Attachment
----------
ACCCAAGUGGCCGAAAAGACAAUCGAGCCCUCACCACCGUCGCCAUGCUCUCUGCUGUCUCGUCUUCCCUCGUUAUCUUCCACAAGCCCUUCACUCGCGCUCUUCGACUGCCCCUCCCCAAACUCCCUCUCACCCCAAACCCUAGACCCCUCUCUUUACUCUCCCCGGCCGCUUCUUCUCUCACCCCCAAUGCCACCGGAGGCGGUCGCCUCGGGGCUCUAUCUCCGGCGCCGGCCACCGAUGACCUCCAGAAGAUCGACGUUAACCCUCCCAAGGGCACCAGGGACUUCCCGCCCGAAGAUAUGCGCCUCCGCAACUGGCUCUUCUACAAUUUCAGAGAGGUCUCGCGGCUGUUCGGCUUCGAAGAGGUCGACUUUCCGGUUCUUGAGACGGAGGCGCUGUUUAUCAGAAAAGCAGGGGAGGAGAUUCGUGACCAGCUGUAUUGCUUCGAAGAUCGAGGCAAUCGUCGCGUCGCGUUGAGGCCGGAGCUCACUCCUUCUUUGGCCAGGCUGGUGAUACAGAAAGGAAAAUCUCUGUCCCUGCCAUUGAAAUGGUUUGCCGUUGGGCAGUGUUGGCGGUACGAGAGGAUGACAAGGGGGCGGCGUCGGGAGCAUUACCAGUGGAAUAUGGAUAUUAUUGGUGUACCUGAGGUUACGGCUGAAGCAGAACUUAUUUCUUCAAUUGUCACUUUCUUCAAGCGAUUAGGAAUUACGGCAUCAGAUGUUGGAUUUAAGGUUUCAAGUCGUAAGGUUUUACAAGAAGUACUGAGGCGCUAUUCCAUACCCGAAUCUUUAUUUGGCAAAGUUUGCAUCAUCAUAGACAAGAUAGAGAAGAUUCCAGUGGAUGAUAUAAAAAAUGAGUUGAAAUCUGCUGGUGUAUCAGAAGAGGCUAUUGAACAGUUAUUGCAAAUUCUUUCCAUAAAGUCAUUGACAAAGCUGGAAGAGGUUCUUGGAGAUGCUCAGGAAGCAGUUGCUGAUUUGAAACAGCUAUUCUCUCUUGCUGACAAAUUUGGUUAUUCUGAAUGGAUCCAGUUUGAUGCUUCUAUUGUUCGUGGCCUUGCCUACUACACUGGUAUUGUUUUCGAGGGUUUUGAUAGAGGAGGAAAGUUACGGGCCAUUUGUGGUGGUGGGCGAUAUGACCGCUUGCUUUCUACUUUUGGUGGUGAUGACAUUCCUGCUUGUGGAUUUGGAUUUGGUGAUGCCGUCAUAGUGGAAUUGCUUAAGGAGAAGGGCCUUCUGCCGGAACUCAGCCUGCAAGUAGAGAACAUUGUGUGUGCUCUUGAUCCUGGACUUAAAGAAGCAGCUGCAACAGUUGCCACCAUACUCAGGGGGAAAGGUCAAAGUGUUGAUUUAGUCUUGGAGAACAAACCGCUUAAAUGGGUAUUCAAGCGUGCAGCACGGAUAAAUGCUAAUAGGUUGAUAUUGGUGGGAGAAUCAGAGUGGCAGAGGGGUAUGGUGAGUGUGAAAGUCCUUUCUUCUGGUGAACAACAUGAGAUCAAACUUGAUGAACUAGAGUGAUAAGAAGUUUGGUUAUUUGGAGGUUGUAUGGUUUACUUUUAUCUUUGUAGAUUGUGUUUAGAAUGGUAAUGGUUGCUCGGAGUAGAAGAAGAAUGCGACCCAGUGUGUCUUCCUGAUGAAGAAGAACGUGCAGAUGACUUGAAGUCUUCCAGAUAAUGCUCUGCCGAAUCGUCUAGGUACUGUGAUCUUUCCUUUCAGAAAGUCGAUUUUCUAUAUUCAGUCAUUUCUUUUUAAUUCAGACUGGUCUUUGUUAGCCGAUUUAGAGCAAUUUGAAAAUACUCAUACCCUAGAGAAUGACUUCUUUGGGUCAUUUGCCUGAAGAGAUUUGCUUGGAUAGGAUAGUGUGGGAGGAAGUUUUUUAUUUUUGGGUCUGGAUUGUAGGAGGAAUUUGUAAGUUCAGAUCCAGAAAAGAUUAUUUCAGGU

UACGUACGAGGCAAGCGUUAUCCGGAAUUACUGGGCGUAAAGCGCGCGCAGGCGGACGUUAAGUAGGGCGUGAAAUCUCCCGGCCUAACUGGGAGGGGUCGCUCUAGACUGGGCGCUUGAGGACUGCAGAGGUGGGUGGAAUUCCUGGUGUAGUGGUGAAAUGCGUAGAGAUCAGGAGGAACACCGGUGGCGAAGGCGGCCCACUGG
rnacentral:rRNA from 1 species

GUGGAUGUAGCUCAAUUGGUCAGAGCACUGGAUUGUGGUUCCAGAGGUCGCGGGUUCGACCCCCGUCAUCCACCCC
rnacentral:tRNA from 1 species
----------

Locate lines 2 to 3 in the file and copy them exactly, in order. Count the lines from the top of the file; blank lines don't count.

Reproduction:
UACGUACGAGGCAAGCGUUAUCCGGAAUUACUGGGCGUAAAGCGCGCGCAGGCGGACGUUAAGUAGGGCGUGAAAUCUCCCGGCCUAACUGGGAGGGGUCGCUCUAGACUGGGCGCUUGAGGACUGCAGAGGUGGGUGGAAUUCCUGGUGUAGUGGUGAAAUGCGUAGAGAUCAGGAGGAACACCGGUGGCGAAGGCGGCCCACUGG
rnacentral:rRNA from 1 species